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Looking for private information in self-assessed health


  • James Banks
  • Thomas Crossley
  • Simo Goshev


The paper investigates whether self-assessed health status (SAH) contains information about future mortality and morbidity, beyond the information that is contained in standard “observable” characteristics of individuals (including pre-existing diagnosed medical conditions). Using a ten-year span of the Canadian National Population Health Survey, we find that SAH does contain private information for future mortality and morbidity. Moreover the extra information in SAH is greater at older ages. In many developed countries there a major shift occurring from defined benefit (DB) to defined contributions (DC) pension arrangements. One consequence of this shift is an effective delay in the age at which workers commit to an annuity. Our results therefore suggest that adverse selection problems in annuity markets are likely to be more severe at older ages, and therefore, that the DB to DC shift may expose workers to greater longevity risk. This is an aspect of the DB to DC shift which has received little attention.

Suggested Citation

  • James Banks & Thomas Crossley & Simo Goshev, 2007. "Looking for private information in self-assessed health," Health, Econometrics and Data Group (HEDG) Working Papers 07/09, HEDG, c/o Department of Economics, University of York.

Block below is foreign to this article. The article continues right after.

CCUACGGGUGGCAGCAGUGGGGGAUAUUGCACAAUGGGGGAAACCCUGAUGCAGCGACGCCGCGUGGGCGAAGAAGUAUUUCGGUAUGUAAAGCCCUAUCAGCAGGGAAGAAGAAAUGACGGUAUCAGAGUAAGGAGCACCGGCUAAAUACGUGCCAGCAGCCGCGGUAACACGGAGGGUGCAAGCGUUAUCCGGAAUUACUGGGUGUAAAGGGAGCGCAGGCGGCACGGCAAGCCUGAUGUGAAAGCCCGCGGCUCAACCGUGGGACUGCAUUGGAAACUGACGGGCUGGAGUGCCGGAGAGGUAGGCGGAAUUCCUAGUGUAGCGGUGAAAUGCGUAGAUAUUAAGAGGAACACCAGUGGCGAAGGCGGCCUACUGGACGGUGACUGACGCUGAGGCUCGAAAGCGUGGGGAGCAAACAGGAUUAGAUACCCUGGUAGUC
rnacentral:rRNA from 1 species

• Handle: RePEc:yor:hectdg:07/09

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    5. Meeusen, Wim & van den Broeck, Julien, 1977. "Efficiency Estimation from Cobb-Douglas Production Functions with Composed Error," International Economic Review, Department of Economics, University of Pennsylvania and Osaka University Institute of Social and Economic Research Association, vol. 18(2), pages 435-444, June.
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    Cited by:

    1. Amelie C. Wuppermann, 2017. "Private Information in Life Insurance, Annuity, and Health Insurance Markets," Scandinavian Journal of Economics, Wiley Blackwell, vol. 119(4), pages 855-881, October.
    2. Furmanov, Kirill & Chernysheva, Irina, 2012. "Health and job search in Russia," Applied Econometrics, Publishing House "SINERGIA PRESS", vol. 26(2), pages 62-91.
    3. Edlira Shehu & Annette Hofmann & Michel Clement & Ann-Christin Langmaack, 2015. "Healthy donor effect and satisfaction with health," The European Journal of Health Economics, Springer;Deutsche Gesellschaft für Gesundheitsökonomie (DGGÖ), vol. 16(7), pages 733-745, September.
    4. Wuppermann, Amelie Catherine, 2011. "Empirical Essays in Health and Education Economics," Munich Dissertations in Economics 13187, University of Munich, Department of Economics.

    More about this item


    Self-Assessed Health; Annuities; Mortality; Morbidity;

    JEL classification:

    • H0 - Public Economics - - General
    • I1 - Health, Education, and Welfare - - Health

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